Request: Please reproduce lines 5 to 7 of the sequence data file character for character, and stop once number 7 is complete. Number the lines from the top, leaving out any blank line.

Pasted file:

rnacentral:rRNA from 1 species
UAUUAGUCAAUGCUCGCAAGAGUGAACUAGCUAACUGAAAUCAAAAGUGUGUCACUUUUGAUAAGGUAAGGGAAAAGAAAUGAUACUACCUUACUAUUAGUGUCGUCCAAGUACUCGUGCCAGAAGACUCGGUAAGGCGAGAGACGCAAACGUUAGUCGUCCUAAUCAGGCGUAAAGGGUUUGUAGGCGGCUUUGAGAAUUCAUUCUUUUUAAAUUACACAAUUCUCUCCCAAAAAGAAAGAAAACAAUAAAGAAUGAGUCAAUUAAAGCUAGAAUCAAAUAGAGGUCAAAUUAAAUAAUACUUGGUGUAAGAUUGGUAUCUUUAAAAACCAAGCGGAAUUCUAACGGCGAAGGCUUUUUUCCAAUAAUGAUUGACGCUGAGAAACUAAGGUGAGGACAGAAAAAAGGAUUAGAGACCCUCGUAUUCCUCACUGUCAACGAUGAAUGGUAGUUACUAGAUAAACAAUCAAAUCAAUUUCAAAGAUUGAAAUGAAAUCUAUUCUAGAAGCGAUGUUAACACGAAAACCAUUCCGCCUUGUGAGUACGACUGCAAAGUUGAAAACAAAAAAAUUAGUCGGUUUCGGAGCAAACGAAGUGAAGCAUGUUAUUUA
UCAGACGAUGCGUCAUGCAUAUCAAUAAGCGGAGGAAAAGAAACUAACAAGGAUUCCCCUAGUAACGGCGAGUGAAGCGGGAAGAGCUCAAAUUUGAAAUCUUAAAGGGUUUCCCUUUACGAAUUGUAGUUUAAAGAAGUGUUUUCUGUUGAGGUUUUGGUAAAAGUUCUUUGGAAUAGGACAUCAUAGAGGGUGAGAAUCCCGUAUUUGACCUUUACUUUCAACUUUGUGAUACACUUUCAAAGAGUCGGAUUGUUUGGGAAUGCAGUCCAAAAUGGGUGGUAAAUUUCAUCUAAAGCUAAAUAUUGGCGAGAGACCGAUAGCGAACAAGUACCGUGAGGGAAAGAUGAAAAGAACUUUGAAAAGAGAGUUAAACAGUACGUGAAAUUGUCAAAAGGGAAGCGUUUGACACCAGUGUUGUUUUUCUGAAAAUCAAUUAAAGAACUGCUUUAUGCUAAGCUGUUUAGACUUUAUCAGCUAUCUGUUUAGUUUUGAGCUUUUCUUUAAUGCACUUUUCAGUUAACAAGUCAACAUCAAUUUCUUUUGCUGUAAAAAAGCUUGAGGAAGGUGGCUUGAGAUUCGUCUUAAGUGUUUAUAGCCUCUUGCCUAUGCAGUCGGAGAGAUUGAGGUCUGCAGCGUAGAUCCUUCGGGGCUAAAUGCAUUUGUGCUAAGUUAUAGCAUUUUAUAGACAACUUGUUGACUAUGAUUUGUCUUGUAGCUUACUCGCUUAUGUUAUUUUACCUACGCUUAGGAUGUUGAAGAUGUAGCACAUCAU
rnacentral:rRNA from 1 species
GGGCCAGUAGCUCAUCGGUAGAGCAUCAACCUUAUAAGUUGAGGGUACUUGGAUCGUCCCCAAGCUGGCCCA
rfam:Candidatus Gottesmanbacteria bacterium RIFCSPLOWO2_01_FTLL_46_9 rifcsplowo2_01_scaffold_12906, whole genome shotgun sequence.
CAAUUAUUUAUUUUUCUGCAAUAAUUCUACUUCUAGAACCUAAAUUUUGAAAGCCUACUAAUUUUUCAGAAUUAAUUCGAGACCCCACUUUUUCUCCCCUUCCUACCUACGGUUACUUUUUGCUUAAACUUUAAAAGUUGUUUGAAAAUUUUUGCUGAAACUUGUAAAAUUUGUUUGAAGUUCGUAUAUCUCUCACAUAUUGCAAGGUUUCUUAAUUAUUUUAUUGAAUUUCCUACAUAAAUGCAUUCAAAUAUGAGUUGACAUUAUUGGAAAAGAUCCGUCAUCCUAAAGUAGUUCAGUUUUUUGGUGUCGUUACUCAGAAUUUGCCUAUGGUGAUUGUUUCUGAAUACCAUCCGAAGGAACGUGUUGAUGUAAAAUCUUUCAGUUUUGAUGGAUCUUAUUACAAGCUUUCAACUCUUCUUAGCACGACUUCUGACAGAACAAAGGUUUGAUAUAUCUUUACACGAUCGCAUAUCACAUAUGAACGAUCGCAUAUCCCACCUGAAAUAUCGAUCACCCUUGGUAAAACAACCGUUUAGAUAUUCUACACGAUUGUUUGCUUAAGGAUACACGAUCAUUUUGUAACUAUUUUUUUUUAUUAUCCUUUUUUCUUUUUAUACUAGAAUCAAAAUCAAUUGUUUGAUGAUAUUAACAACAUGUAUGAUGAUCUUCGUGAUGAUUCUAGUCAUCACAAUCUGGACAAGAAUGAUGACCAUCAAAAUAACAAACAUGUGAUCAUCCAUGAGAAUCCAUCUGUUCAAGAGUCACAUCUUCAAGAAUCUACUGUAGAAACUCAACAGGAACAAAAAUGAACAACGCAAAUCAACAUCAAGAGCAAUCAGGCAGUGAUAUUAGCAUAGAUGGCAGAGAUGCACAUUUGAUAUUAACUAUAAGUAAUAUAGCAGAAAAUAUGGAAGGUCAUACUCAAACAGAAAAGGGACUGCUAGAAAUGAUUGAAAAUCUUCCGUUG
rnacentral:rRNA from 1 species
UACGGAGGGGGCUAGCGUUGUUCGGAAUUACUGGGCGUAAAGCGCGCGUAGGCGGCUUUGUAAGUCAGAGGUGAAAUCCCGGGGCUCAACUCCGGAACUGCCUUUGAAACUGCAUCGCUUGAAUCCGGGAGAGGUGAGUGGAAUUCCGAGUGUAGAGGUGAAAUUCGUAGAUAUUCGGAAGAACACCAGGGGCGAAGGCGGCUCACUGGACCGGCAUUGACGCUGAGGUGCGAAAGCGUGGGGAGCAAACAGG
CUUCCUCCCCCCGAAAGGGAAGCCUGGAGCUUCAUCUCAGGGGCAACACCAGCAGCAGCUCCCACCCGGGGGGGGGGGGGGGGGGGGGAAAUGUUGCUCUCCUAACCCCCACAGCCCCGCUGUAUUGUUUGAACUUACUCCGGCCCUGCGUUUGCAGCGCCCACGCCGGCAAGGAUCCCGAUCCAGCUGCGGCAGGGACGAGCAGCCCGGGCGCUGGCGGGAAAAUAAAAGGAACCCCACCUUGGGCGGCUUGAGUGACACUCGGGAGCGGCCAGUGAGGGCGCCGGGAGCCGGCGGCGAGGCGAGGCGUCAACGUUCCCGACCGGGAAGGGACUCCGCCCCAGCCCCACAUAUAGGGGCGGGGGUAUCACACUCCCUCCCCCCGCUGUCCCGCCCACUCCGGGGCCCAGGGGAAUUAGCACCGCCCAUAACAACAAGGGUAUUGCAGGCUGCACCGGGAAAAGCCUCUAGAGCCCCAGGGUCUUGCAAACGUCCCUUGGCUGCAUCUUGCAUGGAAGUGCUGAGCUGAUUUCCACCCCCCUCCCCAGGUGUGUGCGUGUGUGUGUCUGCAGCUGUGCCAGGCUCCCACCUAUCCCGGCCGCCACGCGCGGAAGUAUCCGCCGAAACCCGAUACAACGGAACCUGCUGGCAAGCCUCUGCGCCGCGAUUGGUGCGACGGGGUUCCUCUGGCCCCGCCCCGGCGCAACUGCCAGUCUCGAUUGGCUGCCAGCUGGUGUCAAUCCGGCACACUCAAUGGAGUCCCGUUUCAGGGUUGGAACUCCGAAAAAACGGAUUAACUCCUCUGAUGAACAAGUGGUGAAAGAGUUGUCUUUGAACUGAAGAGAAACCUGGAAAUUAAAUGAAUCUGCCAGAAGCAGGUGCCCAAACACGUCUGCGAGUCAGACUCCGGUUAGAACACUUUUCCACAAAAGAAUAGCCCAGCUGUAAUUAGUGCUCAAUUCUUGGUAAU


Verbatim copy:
GGGCCAGUAGCUCAUCGGUAGAGCAUCAACCUUAUAAGUUGAGGGUACUUGGAUCGUCCCCAAGCUGGCCCA
rfam:Candidatus Gottesmanbacteria bacterium RIFCSPLOWO2_01_FTLL_46_9 rifcsplowo2_01_scaffold_12906, whole genome shotgun sequence.
CAAUUAUUUAUUUUUCUGCAAUAAUUCUACUUCUAGAACCUAAAUUUUGAAAGCCUACUAAUUUUUCAGAAUUAAUUCGAGACCCCACUUUUUCUCCCCUUCCUACCUACGGUUACUUUUUGCUUAAACUUUAAAAGUUGUUUGAAAAUUUUUGCUGAAACUUGUAAAAUUUGUUUGAAGUUCGUAUAUCUCUCACAUAUUGCAAGGUUUCUUAAUUAUUUUAUUGAAUUUCCUACAUAAAUGCAUUCAAAUAUGAGUUGACAUUAUUGGAAAAGAUCCGUCAUCCUAAAGUAGUUCAGUUUUUUGGUGUCGUUACUCAGAAUUUGCCUAUGGUGAUUGUUUCUGAAUACCAUCCGAAGGAACGUGUUGAUGUAAAAUCUUUCAGUUUUGAUGGAUCUUAUUACAAGCUUUCAACUCUUCUUAGCACGACUUCUGACAGAACAAAGGUUUGAUAUAUCUUUACACGAUCGCAUAUCACAUAUGAACGAUCGCAUAUCCCACCUGAAAUAUCGAUCACCCUUGGUAAAACAACCGUUUAGAUAUUCUACACGAUUGUUUGCUUAAGGAUACACGAUCAUUUUGUAACUAUUUUUUUUUAUUAUCCUUUUUUCUUUUUAUACUAGAAUCAAAAUCAAUUGUUUGAUGAUAUUAACAACAUGUAUGAUGAUCUUCGUGAUGAUUCUAGUCAUCACAAUCUGGACAAGAAUGAUGACCAUCAAAAUAACAAACAUGUGAUCAUCCAUGAGAAUCCAUCUGUUCAAGAGUCACAUCUUCAAGAAUCUACUGUAGAAACUCAACAGGAACAAAAAUGAACAACGCAAAUCAACAUCAAGAGCAAUCAGGCAGUGAUAUUAGCAUAGAUGGCAGAGAUGCACAUUUGAUAUUAACUAUAAGUAAUAUAGCAGAAAAUAUGGAAGGUCAUACUCAAACAGAAAAGGGACUGCUAGAAAUGAUUGAAAAUCUUCCGUUG